Justice, putting bad providers out of business motivates longtime BWC fraud fighter
By Tony Gottschlich, Public Information Officer, BWC Communications Department
As a special agent in the bureau of diplomatic security for the U.S. State Department in the 1980s and early 1990s, Doug Fisher protected royal families, foreign presidents, Nelson Mandela and U.S. Secretary of State James Baker, among others.
As a police detective earlier in his career, Fisher served on the vice and narcotics unit in High Point, North Carolina, scrubbing the streets of drug dealers, prostitutes, racketeers and other nefarious sorts.
And today at the Ohio Bureau of Workers’ Compensation, as he’s done for the last 23 years, this veteran of the Special Investigations Department (SID) pursues crooks, cheats and others who try to rip off the state’s insurance fund for injured workers.
But contrary to appearances, Fisher’s long career in law enforcement isn’t rooted in “saving the world and all that,” at least in the beginning anyway.
“I was working in a factory, and I said, ‘Hey, that looks like a job where I won’t have to get dirty,’” Fisher recalled with a slight chuckle. “I didn’t want to work in a factory anymore.”
Fisher is Special Agent in Charge of SID’s largest unit, the health care provider team, which investigates allegations of fraud committed by medical providers, pharmacies and managed care organizations. He usually shuns the spotlight and deflects any credit he’s earned to his team, but after some arm twisting from his boss, he agreed to be featured in this article to promote SID and International Fraud Awareness Week.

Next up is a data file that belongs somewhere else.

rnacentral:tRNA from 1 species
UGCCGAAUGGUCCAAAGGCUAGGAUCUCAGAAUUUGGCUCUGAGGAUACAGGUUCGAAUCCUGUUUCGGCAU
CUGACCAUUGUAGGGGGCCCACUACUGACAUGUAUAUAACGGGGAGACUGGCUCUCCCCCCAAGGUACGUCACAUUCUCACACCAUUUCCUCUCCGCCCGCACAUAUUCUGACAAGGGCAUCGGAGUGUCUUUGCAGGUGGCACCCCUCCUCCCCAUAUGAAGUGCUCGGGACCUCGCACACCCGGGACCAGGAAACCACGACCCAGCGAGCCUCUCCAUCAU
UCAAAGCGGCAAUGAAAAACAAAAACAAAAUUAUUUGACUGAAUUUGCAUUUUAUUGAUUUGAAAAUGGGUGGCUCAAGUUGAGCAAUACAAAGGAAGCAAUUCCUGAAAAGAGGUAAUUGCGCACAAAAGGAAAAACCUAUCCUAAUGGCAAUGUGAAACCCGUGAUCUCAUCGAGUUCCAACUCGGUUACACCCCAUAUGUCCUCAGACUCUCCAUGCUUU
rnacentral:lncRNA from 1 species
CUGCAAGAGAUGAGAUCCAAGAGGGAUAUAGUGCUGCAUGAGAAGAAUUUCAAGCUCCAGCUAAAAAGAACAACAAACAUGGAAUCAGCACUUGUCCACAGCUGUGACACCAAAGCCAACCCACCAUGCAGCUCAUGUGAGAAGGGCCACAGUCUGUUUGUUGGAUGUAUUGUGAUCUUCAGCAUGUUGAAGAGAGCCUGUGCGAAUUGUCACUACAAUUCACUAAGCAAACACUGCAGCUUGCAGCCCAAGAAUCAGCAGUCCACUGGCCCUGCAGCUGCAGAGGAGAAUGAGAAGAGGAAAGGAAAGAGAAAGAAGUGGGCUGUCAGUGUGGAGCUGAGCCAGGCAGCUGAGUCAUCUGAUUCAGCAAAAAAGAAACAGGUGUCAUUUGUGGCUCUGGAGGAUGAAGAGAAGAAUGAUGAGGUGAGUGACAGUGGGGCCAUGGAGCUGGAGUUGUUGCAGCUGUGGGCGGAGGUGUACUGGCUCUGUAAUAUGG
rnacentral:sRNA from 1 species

“He hates the publicity, every minute of it,” said a smiling Jennifer Cunningham, SID’s assistant director and a 20-year colleague of Fisher’s. “He doesn’t go to work parties and he never wants recognized for anything. That’s just who he is, very humble.”
A Wisconsin native, Fisher joined BWC in 1993 and was one of SID’s founding members that year. The department has grown since then into a 118-member force that investigates hundreds of fraud cases a year involving workers, employers, medical professionals and others in the BWC system. In fiscal year 2016, the department’s work led to 127 convictions and $56.6 million in savings. Fisher’s team closed 51 cases, landed five convictions and identified $15 million in savings.
He said the job, though, is about more than prosecutions and protecting the State Insurance Fund.
“We knock a lot of bad providers out of the system,” Fisher said from his Mansfield office. “These are people who practice crappy medicine or no medicine at all – they’re just prescribing painkillers to people and it’s a shame.”
One recent case he’s proud of involves a chain of Cleveland-area medical clinics that was indicted Oct. 26 on racketeering and other charges related to scamming BWC out of $216,000.
A 170-count indictment returned by a Cuyahoga County grand jury accuses Dr. Stephen Bernie and an associate of billing for procedures never performed and inflating the percentage of disability for injured workers, making them eligible for higher payments from the state. Dr. Bernie is also accused of writing prescriptions for medications without examining or monitoring patients, and signing prescriptions for powerful opioids that were distributed while he was on vacation.
Said Fisher, “Cases like that are some of the most satisfying – agents working a hard, long case that takes several years and lots of frustration and they drive it to a conclusion.”
Cunningham calls Fisher a “visionary” who looks at the big picture, studies the latest trends and enjoys outfoxing the fraudsters he’s after.
“He’s always thinking, trying to be one step ahead of the bad guys,” she said.
Fisher, 56, and his wife, Debbie, live in Northeast Ohio and are the parents of two adult children. An avid reader and long-distance runner, he also teaches criminal science part time at Stark State College in North Canton.
He said he plans to retire from BWC within the next year.